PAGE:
By Dan Nielsen The Record-Eagle, Traverse City, Mich.
Treadmills do not excite me. I'd much rather be breathing fresh outside air while I perspire, much rather watch trees slide by than watch someone else's shirttail slowly change from dry to wet, much rather feel dirt under my shoes than trudge atop an endless loop of plastic.
I don't mind sweating. It cleanses the pores, frees the mind. I just would prefer to sweat in a setting that adds to the joy of the moment.
Maybe that's the way entrepreneurs feel when they launch a project. They may not have enough cash to pay for a swanky office with a view of the bay, or a fast new computer or a leather executive chair with adjustable armrests and lumbar support. Instead, their limited budget decrees they rent a cramped basement office, get by with an 8-year-old computer and sit on a duct-tape-decorated refugee from the dumpster.
The work would be the same in either atmosphere. The expensive ambiance would just make the work more fun.
Unless an entrepreneur has a generous rich aunt or can arrange a bundle of financing, he or she likely will need to start out with a limited budget. What cash she or he can float needs to go toward whatever will make the business succeed. Product, employees, manufacturing space, contract services. Behind-the-scenes office furnishings don't matter nearly as much as grease for commerce. Cash on hand must be invested in whatever generates return.
The beginning entrepreneur must sweat it out on a treadmill of long hours, cramped office space and hard work.
For some, work itself is reward. Start a business revolving around a personal fascination, then spend every day working in that field. Income certainly is necessary to survive, but is just one factor in success. Personal happiness may be more important in the long run. These people are on a treadmill of success. The work itself is the goal, each work day an interesting journey.
For other entrepreneurs, work is merely a means to an end. Start a business in a field that doesn't hold any particularly interest, and spend every day working on tasks that are nothing more than work, nothing but a treadmill of repetition. For these folks, work is just work.
I've chatted with a wide range of successful small business owners in Traverse City during the past months. Most have a spark of personal appeal in their business endeavors that shows in their enthusiasm and in their entrepreneurial spirit.
A skateboard shop owner who loves skateboarding. A bookseller who loves to read. An outdoor gear dealer who loves to backpack. A clothing designer/dealer who loves to work with fabric. A brewer who delights in crafting and tasting nuanced beers. An industrial manufacturer who loves solving design problems. A motel owner who can imagine nothing more personally satisfying than helping travelers get a good night's sleep.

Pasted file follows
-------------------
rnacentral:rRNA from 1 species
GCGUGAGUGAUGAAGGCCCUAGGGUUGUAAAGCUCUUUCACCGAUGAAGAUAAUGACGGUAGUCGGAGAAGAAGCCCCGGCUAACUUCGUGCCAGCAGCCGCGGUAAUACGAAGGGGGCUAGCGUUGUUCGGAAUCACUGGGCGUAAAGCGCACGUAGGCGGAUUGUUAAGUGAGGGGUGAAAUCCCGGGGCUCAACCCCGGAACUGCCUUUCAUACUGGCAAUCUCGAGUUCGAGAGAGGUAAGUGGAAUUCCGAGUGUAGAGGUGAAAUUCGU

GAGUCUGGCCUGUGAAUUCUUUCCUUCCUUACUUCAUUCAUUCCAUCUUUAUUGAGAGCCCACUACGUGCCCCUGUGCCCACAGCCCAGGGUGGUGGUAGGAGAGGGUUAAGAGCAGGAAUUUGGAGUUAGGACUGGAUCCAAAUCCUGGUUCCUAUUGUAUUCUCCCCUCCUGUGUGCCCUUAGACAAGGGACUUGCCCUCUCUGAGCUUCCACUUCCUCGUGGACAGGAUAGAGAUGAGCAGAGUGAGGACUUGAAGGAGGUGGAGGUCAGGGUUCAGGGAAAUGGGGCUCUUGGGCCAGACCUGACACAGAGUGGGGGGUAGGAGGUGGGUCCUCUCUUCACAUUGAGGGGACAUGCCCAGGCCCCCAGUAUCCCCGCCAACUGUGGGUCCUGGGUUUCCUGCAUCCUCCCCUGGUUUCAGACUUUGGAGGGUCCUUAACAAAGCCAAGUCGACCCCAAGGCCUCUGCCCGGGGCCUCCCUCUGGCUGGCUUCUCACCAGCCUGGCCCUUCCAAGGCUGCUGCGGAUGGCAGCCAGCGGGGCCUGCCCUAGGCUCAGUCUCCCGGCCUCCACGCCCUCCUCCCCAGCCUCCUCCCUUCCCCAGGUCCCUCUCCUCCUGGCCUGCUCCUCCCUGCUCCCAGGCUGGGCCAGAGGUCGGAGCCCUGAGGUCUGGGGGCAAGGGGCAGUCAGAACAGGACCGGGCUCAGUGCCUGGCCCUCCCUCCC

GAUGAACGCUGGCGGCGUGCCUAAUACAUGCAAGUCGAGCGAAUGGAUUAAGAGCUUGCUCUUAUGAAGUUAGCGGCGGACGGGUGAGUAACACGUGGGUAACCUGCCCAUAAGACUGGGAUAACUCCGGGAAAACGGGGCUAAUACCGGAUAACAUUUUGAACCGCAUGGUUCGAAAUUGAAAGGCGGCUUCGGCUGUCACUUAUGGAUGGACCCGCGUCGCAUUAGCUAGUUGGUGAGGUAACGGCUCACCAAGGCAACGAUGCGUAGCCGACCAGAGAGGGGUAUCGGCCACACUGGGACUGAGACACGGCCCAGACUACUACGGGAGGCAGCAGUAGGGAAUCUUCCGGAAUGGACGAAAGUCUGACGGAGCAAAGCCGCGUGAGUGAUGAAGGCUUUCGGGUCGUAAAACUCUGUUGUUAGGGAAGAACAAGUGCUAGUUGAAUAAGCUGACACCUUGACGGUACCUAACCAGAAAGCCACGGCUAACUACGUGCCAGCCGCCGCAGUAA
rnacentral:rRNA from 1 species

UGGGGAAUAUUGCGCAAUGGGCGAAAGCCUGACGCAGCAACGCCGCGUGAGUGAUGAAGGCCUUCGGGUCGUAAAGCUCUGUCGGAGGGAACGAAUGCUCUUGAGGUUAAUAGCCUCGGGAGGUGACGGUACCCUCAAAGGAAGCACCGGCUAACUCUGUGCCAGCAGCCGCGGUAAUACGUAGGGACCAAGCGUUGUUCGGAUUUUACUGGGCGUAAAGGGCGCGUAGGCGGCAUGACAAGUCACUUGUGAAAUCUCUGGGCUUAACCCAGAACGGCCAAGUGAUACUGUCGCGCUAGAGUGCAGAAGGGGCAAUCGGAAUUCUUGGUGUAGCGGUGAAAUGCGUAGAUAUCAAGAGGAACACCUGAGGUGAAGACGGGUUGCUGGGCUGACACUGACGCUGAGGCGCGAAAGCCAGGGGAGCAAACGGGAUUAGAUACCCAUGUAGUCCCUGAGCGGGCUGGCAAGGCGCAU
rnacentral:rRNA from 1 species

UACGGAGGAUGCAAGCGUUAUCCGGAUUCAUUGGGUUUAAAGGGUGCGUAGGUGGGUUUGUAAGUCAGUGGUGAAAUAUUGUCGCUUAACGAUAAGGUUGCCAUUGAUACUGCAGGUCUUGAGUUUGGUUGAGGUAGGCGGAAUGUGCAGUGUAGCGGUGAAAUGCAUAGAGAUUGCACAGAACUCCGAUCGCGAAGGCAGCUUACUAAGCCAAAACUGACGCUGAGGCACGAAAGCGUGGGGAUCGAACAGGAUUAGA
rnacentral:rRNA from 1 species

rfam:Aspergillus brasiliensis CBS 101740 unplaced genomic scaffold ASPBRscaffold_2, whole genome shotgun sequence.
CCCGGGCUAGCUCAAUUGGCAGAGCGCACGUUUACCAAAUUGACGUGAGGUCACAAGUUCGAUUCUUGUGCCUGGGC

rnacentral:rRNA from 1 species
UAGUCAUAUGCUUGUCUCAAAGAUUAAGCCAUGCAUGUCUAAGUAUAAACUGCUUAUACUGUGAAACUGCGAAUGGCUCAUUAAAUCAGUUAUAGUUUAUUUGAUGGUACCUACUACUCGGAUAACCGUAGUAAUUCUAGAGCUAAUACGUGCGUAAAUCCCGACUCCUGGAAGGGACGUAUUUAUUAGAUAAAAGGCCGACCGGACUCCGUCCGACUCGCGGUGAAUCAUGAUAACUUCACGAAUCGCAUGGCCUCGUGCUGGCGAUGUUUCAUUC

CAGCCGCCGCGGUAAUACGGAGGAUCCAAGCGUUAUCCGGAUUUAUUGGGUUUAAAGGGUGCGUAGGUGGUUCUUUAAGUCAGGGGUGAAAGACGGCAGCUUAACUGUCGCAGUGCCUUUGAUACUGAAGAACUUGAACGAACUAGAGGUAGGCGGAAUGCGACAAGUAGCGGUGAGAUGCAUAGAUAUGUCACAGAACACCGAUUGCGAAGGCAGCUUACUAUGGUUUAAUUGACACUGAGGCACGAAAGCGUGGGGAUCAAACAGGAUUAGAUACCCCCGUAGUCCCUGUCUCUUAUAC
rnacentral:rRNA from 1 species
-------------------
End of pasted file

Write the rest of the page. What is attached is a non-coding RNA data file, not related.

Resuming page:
For these folks, a day on the entrepreneurial treadmill is an adventure worth repeating week after month after year. For them, it's not a treadmill. It's business exercise that takes them along a fascinating trail through beautiful forests, along sandy beaches and over snow-capped mountains. They look forward to each day's sweat as worthwhile in it's own right.
Entrepreneurs who choose a field of endeavor based solely on its potential for income must keep their eventual goal in mind every minute. Money. Retirement. The journey is a means to an end. The journey is not rewarding. The promised reward awaits at the end of the harrowing journey.
I'd like to say that my regular jaunt on the treadmill is as exciting as a work day for that first type of entrepreneur. It's not. For me, regular excursions on the endless belt sometimes seem truly endless. But those repeated sessions are a required part of the journey to my goal of better health. Sweat is just sweat when I'm on a treadmill. But that sweat must flow if I am to reach my eventual goal. The treadmill is a necessity.
I try to make use of my time atop the plastic belt to think. That's where the idea for this column originated. A drop of perspiration ran down my temple and inspiration struck.
But most treadmill sessions leave my body hot and my imagination cold. The only thing that keeps me going is the end goal -- a healthier body. My treadmill journey continues. It is far from over. Like those entrepreneurs who toil a lifetime in a field that doesn't particularly excite them, I will continue my trek on the endless loop. The reward will come in the form of more joyful summer treks across the dunes, more satisfying swims in the bay, more precise turns at Mt. Holiday.
My New Year's resolution is to keep on treadmilling.